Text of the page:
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What We're Reading: Illinois Abortion Rights; ACA Reduced Racial Disparities in Cancer Care; Johnson & Johnson Talc Lawsuit

AJMC Staff
The Illinois Senate passed an abortion rights bill; a new study presented last weekend at ASCO 2019 found the Affordable Care Act (ACA) reduced racial disparites in cancer care; Johnson & Johnson has been ordered to pay an additional $300 million in NY talcum powder case. 

Illinois Senate Passed Abortion Rights Bill

The Illinois Senate passed a bill, called the Reproductive Health Act, by a vote of 34-20 late Friday that would strengthen women’s abortion rights, The Hill reported. The bill would establish a woman’s “fundamental right” to obtain an abortion and declare that a “fertilized egg, embryo, or fetus does not have independent rights.” The legislation would also repeal the Illinois Abortion Law of 1975, ending spousal consent provisions, waiting periods, criminal penalties for physicians that perform abortions, and other restrictions on facilities where abortions are performed.

 

The Affordable Care Act Reduced Racial Disparities in Cancer Care

A study presented this weekend at the 2019 American Society of Clinical Oncology’s annual meeting found that Medicaid expansion under the Affordable Care Act nearly eliminated a key disparity in access to cancer care between white and African American patients in states with Medicaid expansion, STAT News reported. White patients in states without Medicaid expansion received chemotherapy within a month of their cancer diagnosis 48.3% of the time, whereas African American patients received it only 43.5% of the time. In states with Medicaid expansion, the 4.8-point difference was reduced to a 0.8-point difference. Medicaid expansion also increased the percentage of white patients who received chemotherapy in a month by 2 points while increasing it 6 points for African Americans.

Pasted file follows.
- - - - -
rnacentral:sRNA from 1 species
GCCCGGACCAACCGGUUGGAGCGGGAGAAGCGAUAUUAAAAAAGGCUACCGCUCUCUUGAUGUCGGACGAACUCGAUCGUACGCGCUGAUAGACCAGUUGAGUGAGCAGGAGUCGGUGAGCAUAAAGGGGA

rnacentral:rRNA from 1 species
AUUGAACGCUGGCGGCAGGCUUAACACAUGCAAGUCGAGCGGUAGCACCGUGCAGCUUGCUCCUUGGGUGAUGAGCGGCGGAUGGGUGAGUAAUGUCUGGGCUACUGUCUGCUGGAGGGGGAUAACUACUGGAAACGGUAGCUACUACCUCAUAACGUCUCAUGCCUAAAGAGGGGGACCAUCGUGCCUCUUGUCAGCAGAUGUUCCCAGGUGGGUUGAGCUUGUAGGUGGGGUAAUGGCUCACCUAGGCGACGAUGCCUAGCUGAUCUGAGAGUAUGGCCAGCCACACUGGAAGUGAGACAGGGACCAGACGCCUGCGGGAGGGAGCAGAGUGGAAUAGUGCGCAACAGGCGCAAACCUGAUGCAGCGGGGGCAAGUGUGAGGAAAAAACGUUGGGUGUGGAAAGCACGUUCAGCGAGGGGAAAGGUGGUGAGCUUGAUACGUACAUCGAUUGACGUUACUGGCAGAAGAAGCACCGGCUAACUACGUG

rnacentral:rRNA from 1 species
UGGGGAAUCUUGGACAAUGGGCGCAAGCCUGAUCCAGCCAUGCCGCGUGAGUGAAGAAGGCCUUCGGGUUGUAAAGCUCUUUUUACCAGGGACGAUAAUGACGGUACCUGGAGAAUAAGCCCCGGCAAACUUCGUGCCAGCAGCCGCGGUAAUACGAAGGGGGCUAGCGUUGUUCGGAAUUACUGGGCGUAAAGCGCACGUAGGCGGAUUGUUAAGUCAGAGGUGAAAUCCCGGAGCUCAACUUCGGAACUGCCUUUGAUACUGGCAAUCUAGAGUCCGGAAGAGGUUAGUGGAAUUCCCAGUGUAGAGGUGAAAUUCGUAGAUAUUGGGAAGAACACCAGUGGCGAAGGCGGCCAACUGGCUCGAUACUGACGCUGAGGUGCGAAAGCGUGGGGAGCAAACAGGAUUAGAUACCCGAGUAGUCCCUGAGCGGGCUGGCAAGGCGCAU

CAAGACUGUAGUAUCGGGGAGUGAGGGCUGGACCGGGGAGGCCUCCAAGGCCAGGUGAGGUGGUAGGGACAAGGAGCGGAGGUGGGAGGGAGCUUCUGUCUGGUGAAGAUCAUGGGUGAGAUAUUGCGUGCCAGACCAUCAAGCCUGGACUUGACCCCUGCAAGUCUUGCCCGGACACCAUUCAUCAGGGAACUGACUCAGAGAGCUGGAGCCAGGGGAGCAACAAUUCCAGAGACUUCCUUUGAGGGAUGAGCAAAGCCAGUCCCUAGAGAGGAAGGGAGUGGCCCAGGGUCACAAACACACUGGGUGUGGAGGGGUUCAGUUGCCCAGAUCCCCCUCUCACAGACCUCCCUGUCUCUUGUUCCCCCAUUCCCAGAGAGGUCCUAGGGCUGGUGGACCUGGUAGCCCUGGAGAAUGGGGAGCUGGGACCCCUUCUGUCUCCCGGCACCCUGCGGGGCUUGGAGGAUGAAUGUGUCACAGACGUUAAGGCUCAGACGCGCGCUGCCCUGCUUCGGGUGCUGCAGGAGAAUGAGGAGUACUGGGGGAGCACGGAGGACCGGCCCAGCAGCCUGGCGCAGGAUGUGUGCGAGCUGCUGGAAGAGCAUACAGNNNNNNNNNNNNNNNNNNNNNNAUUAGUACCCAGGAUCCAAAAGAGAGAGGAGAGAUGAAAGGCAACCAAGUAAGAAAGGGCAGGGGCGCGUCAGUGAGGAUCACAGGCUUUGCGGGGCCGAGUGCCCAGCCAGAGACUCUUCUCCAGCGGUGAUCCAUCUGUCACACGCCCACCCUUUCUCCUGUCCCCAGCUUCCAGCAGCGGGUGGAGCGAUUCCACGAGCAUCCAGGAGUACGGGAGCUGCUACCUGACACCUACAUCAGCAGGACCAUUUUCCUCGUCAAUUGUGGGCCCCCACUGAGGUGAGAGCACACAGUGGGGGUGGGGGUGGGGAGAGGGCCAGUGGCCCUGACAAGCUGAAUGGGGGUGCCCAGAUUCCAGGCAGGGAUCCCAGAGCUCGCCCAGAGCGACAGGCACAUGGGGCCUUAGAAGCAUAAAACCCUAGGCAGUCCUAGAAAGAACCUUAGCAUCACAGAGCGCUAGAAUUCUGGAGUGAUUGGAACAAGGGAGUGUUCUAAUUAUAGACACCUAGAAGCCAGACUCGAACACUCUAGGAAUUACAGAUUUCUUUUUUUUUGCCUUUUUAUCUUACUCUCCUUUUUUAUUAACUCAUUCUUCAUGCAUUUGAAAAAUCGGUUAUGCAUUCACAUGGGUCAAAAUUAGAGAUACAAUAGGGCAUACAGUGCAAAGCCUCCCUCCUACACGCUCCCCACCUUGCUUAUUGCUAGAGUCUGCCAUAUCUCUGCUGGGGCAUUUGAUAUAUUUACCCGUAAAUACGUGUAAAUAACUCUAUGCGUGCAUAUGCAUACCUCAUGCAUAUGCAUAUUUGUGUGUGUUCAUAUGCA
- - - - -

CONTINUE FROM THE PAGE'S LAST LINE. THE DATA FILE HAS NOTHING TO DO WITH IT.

Johnson & Johnson Ordered to Pay an Additional $300 Million in Talc Cancer Case

On Friday, a New York jury ordered Johnson & Johnson to pay $300 million in punitive damages to a woman who claimed her mesothelioma was caused by the company’s talc-based baby powder, alleged to contain traces of asbestos, according to The Hill. The decision elevated the total amount awarded in the case to $325 million after the same jury awarded the plaintiff $25 million earlier in May. The company, which faces thousands of other lawsuits over the product, stated it will appeal the verdict.

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